Jefferson Vann reflects on the sad story of some disciples who chose not to follow Christ anymore. This is the 7th in a series of articles tracing the promise of resurrection life in John’s Gospel.
tripping over words
Jesus was teaching in a Jewish synagogue. He said that he is the bread that came down from the sky. His listeners thought about the stories they had been told as children – how God fed the Israelites in the wilderness by sending manna from the sky.
But Jesus told them that there was a difference. This new manna “is not like the manna your ancestors ate– and they died. The one who eats this bread will live permanently.”1 So John ties this story to others in his Gospel. These stories are designed to highlight the theme “Christ offers to raise believers to permanent life.”
But the people were not catching on. John records their reaction to his words:
- That was why, after many of his disciples heard this, they said, “This word is hard. Who can listen to it?” Jesus, knowing in himself that his disciples were grumbling about this, asked them, “Is this tripping you up?2
Our English noun “scandal” and similar words like “scandalous” and “scandalize” are related to the Greek verb σκανδαλίζω that John uses here. The verb refers to placing a snare or trap (σκάνδαλον) in someone’s way. In the New Testament, it is used for causing someone to sin, or causing them to renounce their faith altogether.
Notice that it was not just the uncommitted crowds who were being tripped up by what they heard. It was many “of his disciples.” It was a delegation of his disciples who told Jesus that his word was hard. The grumblers were disciples.
Jesus’ first response to this delegation was basically to tell them that there was more where that came from.
- Then what if you were to experience the Son of Man ascending to where he was formerly?3
Jesus is saying that these disciples are going to get used to him rocking their world because this is only the beginning. Not only is it true that he came from the sky, but he is also going back there. The disciples who are not ready for that are in danger of missing out on the resurrection life that Jesus is promising. What is their problem?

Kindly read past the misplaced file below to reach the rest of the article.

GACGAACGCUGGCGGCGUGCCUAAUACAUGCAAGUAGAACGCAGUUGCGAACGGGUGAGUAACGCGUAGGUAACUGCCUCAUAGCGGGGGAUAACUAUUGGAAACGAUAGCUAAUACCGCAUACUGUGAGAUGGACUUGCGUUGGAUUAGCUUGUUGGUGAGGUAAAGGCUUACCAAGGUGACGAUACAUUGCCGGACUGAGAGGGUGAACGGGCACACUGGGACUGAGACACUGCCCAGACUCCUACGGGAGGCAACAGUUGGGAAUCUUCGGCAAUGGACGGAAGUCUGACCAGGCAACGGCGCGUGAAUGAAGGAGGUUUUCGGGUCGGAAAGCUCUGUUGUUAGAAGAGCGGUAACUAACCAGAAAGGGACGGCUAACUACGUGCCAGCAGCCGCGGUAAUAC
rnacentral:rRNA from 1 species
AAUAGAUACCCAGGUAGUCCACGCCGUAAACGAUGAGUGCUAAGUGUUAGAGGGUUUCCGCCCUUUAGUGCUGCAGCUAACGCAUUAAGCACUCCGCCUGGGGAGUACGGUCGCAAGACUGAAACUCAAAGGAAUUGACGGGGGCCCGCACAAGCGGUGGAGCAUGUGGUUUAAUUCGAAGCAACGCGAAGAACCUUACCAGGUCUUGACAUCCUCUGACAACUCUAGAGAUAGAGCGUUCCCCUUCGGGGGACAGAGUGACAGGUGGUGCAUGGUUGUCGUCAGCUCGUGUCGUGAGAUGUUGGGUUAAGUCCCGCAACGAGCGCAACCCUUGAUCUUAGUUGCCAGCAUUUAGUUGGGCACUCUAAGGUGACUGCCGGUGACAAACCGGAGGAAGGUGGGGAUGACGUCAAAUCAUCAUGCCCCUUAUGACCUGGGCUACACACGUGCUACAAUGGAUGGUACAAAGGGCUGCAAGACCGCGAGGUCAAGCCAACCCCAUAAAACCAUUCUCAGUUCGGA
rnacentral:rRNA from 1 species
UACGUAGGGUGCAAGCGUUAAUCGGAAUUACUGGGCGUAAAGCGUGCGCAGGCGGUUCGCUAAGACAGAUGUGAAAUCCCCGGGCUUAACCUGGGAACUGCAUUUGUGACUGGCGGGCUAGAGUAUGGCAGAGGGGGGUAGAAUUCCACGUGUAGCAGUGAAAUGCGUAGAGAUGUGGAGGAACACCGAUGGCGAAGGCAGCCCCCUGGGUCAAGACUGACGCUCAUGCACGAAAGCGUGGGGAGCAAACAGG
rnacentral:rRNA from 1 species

- The Spirit is the one who makes someone alive. The flesh is not at all useful. The words that I have spoken to you are spirit and are life. But there are some among you who are not faithful.” (Because Jesus knew from the first those who were not faithful and the one who would hand him over.) And He said, “This is why I told you that no one can come to me unless it is given to him by the Father.”4
Jesus diagnoses the problem of these scandalized disciples. There are some of them who are operating their lives according to the flesh, not according to the Spirit. One can associate with Christ according to the flesh, but it is not enough. Why not? It is the Spirit who “makes someone alive.” We have seen throughout this study of John’s Gospel that when Jesus refers to the new life he is always referring to the coming resurrection life. That is what Jesus is referring to here. He is saying that the Holy Spirit will reveal God’s words to certain people. These people will come to Christ, becoming faithful followers of him. The eventual result will be that these faithful followers will be given new life at the resurrection.
But there is another path that some of these disciples are following. They are claiming to be loyal to Christ, but they are not taking in his words. His words have become hard sayings to them, and they cannot accept them. This is what it means to walk according to the flesh.
The apostle Paul provides the most extensive treatment of the theological concept of walking according to the flesh (κατὰ σάρκα) compared to walking according to the Spirit (κατὰ πνεῦμα).